CBC Radio's The House: Minister calls for culture shift on disabilities
Here is what's on this week's episode of The House
The perilous state of policing in Canada
Police leadership across Canada is facing significant criticism over a series of high-profile and contentious events: the convoy protests in Ottawa earlier this year, the RCMP's handling of the Nova Scotia murders in 2020 and the stabbing spree in James Smith Cree Nation last month. Among officers, morale is low, recruitment is difficult and fear for safety is high with four police officers having died on duty in recent weeks.
What is the state of policing in Canada right now, in the midst of controversy and calls for reform? Former police chief and B.C. solicitor general Kash Heed and University of Ottawa associate professor Michael Kempa join The House to discuss.
Canadians with disabilities waiting for Bill C-22
Roughly one million working-age Canadians with a disability live in poverty. The House hears from a single mother in B.C. about how she is cutting back on food while living on the province's monthly disability benefit.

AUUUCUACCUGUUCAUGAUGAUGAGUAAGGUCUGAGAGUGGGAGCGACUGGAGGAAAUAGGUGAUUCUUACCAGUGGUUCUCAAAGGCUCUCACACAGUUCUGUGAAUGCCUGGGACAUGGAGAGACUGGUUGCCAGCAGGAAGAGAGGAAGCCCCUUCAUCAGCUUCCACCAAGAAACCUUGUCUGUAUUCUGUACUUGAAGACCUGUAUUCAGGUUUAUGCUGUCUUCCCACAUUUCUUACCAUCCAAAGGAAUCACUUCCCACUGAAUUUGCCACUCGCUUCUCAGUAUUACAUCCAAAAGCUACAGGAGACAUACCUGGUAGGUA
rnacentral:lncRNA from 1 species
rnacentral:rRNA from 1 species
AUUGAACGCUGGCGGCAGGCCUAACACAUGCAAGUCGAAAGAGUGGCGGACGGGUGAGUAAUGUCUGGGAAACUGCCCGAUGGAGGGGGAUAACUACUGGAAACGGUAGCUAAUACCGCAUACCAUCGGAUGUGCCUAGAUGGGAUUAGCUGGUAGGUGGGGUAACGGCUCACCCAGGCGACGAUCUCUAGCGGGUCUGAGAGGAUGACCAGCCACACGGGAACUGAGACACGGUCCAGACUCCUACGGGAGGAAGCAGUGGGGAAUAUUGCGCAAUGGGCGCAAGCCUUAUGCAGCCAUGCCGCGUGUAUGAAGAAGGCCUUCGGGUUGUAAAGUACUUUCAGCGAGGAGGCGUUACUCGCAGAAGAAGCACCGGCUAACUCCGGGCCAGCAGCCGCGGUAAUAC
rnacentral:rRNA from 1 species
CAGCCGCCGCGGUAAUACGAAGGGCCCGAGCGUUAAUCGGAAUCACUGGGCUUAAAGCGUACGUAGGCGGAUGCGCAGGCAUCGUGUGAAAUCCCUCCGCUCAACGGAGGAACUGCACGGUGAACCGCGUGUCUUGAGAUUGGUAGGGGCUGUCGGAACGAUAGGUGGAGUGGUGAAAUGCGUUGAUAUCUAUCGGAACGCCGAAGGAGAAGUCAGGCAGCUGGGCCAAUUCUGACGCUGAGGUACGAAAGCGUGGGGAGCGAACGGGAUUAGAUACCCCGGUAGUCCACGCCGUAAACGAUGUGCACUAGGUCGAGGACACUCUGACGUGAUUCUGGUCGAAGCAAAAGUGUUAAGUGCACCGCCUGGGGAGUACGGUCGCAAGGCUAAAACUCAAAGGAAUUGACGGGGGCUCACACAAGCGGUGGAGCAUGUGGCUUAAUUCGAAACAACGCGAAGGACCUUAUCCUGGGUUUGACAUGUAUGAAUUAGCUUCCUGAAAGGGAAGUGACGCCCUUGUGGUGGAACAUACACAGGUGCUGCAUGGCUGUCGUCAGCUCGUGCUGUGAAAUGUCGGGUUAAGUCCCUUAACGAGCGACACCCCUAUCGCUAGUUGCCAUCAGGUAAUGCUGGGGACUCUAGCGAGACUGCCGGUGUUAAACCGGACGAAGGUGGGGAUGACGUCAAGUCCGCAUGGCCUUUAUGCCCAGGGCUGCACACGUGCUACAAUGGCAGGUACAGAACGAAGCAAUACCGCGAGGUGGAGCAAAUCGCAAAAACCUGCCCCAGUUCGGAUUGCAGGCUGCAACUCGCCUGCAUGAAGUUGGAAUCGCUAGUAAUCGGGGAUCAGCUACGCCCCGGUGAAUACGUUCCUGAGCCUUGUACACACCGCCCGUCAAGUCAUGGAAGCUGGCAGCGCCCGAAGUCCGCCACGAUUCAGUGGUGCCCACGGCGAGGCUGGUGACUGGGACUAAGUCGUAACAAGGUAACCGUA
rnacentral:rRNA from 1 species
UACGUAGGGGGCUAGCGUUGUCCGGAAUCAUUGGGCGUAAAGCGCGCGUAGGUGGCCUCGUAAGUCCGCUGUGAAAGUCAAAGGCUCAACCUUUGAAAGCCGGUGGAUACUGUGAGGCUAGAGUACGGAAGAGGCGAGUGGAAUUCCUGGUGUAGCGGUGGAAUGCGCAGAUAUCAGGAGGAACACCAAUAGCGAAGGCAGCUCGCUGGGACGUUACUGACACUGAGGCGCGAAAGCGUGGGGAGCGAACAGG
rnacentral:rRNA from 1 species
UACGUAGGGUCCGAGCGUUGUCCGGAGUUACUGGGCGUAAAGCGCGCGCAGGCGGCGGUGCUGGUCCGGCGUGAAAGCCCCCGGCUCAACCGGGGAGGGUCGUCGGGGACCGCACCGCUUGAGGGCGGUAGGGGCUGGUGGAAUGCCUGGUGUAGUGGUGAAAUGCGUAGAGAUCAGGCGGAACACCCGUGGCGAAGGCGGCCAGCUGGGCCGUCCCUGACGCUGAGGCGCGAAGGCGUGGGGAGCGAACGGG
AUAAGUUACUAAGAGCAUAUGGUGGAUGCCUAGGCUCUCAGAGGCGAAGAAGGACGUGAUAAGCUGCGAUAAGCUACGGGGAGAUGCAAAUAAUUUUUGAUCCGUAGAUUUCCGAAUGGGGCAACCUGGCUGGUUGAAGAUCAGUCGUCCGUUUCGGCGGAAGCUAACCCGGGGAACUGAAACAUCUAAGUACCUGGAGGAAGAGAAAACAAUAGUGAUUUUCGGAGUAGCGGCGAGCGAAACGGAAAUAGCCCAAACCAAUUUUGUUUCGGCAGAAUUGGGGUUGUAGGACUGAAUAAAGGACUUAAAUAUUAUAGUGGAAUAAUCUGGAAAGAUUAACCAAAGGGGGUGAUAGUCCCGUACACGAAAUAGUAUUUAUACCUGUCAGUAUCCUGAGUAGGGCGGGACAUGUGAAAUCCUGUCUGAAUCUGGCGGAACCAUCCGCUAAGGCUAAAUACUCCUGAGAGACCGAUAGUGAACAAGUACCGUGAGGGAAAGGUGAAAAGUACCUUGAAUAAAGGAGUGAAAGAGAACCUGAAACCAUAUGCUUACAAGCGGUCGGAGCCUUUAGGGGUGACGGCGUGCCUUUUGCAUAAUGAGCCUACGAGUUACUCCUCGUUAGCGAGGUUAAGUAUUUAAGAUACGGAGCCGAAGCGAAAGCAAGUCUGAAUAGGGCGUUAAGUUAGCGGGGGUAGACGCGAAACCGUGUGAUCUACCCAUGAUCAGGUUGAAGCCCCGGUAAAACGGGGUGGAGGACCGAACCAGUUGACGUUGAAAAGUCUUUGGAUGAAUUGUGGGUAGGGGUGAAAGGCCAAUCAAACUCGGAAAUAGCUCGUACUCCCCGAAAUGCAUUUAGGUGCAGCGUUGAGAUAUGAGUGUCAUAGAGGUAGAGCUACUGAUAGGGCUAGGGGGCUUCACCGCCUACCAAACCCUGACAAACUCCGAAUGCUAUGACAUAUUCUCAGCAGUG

Then, Minister of Employment, Workforce Development and Disability Inclusion Carla Qualtrough talks about Bill C-22, the legislation set to create a disability benefit for working-age Canadians. Qualtrough also responds to claims that some Canadians with disabilities are exploring medical assistance in dying because they can't get the support they need.
The House turns 45 and looks back at the dawn of parliamentary broadcasting
Before 1977, voters didn't really have a window into Parliament unless they travelled to Ottawa and watched from the galleries in person. The introduction of cameras heralded a new era of gavel-to-gavel coverage of the House of Commons — and led CBC to launch this very program on October 22, 1977.
In honour of The House's birthday, and to reflect on 45 years of parliamentary broadcasting from TV to TikTok, host Catherine Cullen sits down with two longtime former MPs who were present in the Commons when the cameras were first switched on: Perrin Beatty, former Progressive Conservative MP and minister, now president and CEO of the Canadian Chamber of Commerce; and Ralph Goodale, former Liberal MP and minister, now Canada's high commissioner to the U.K.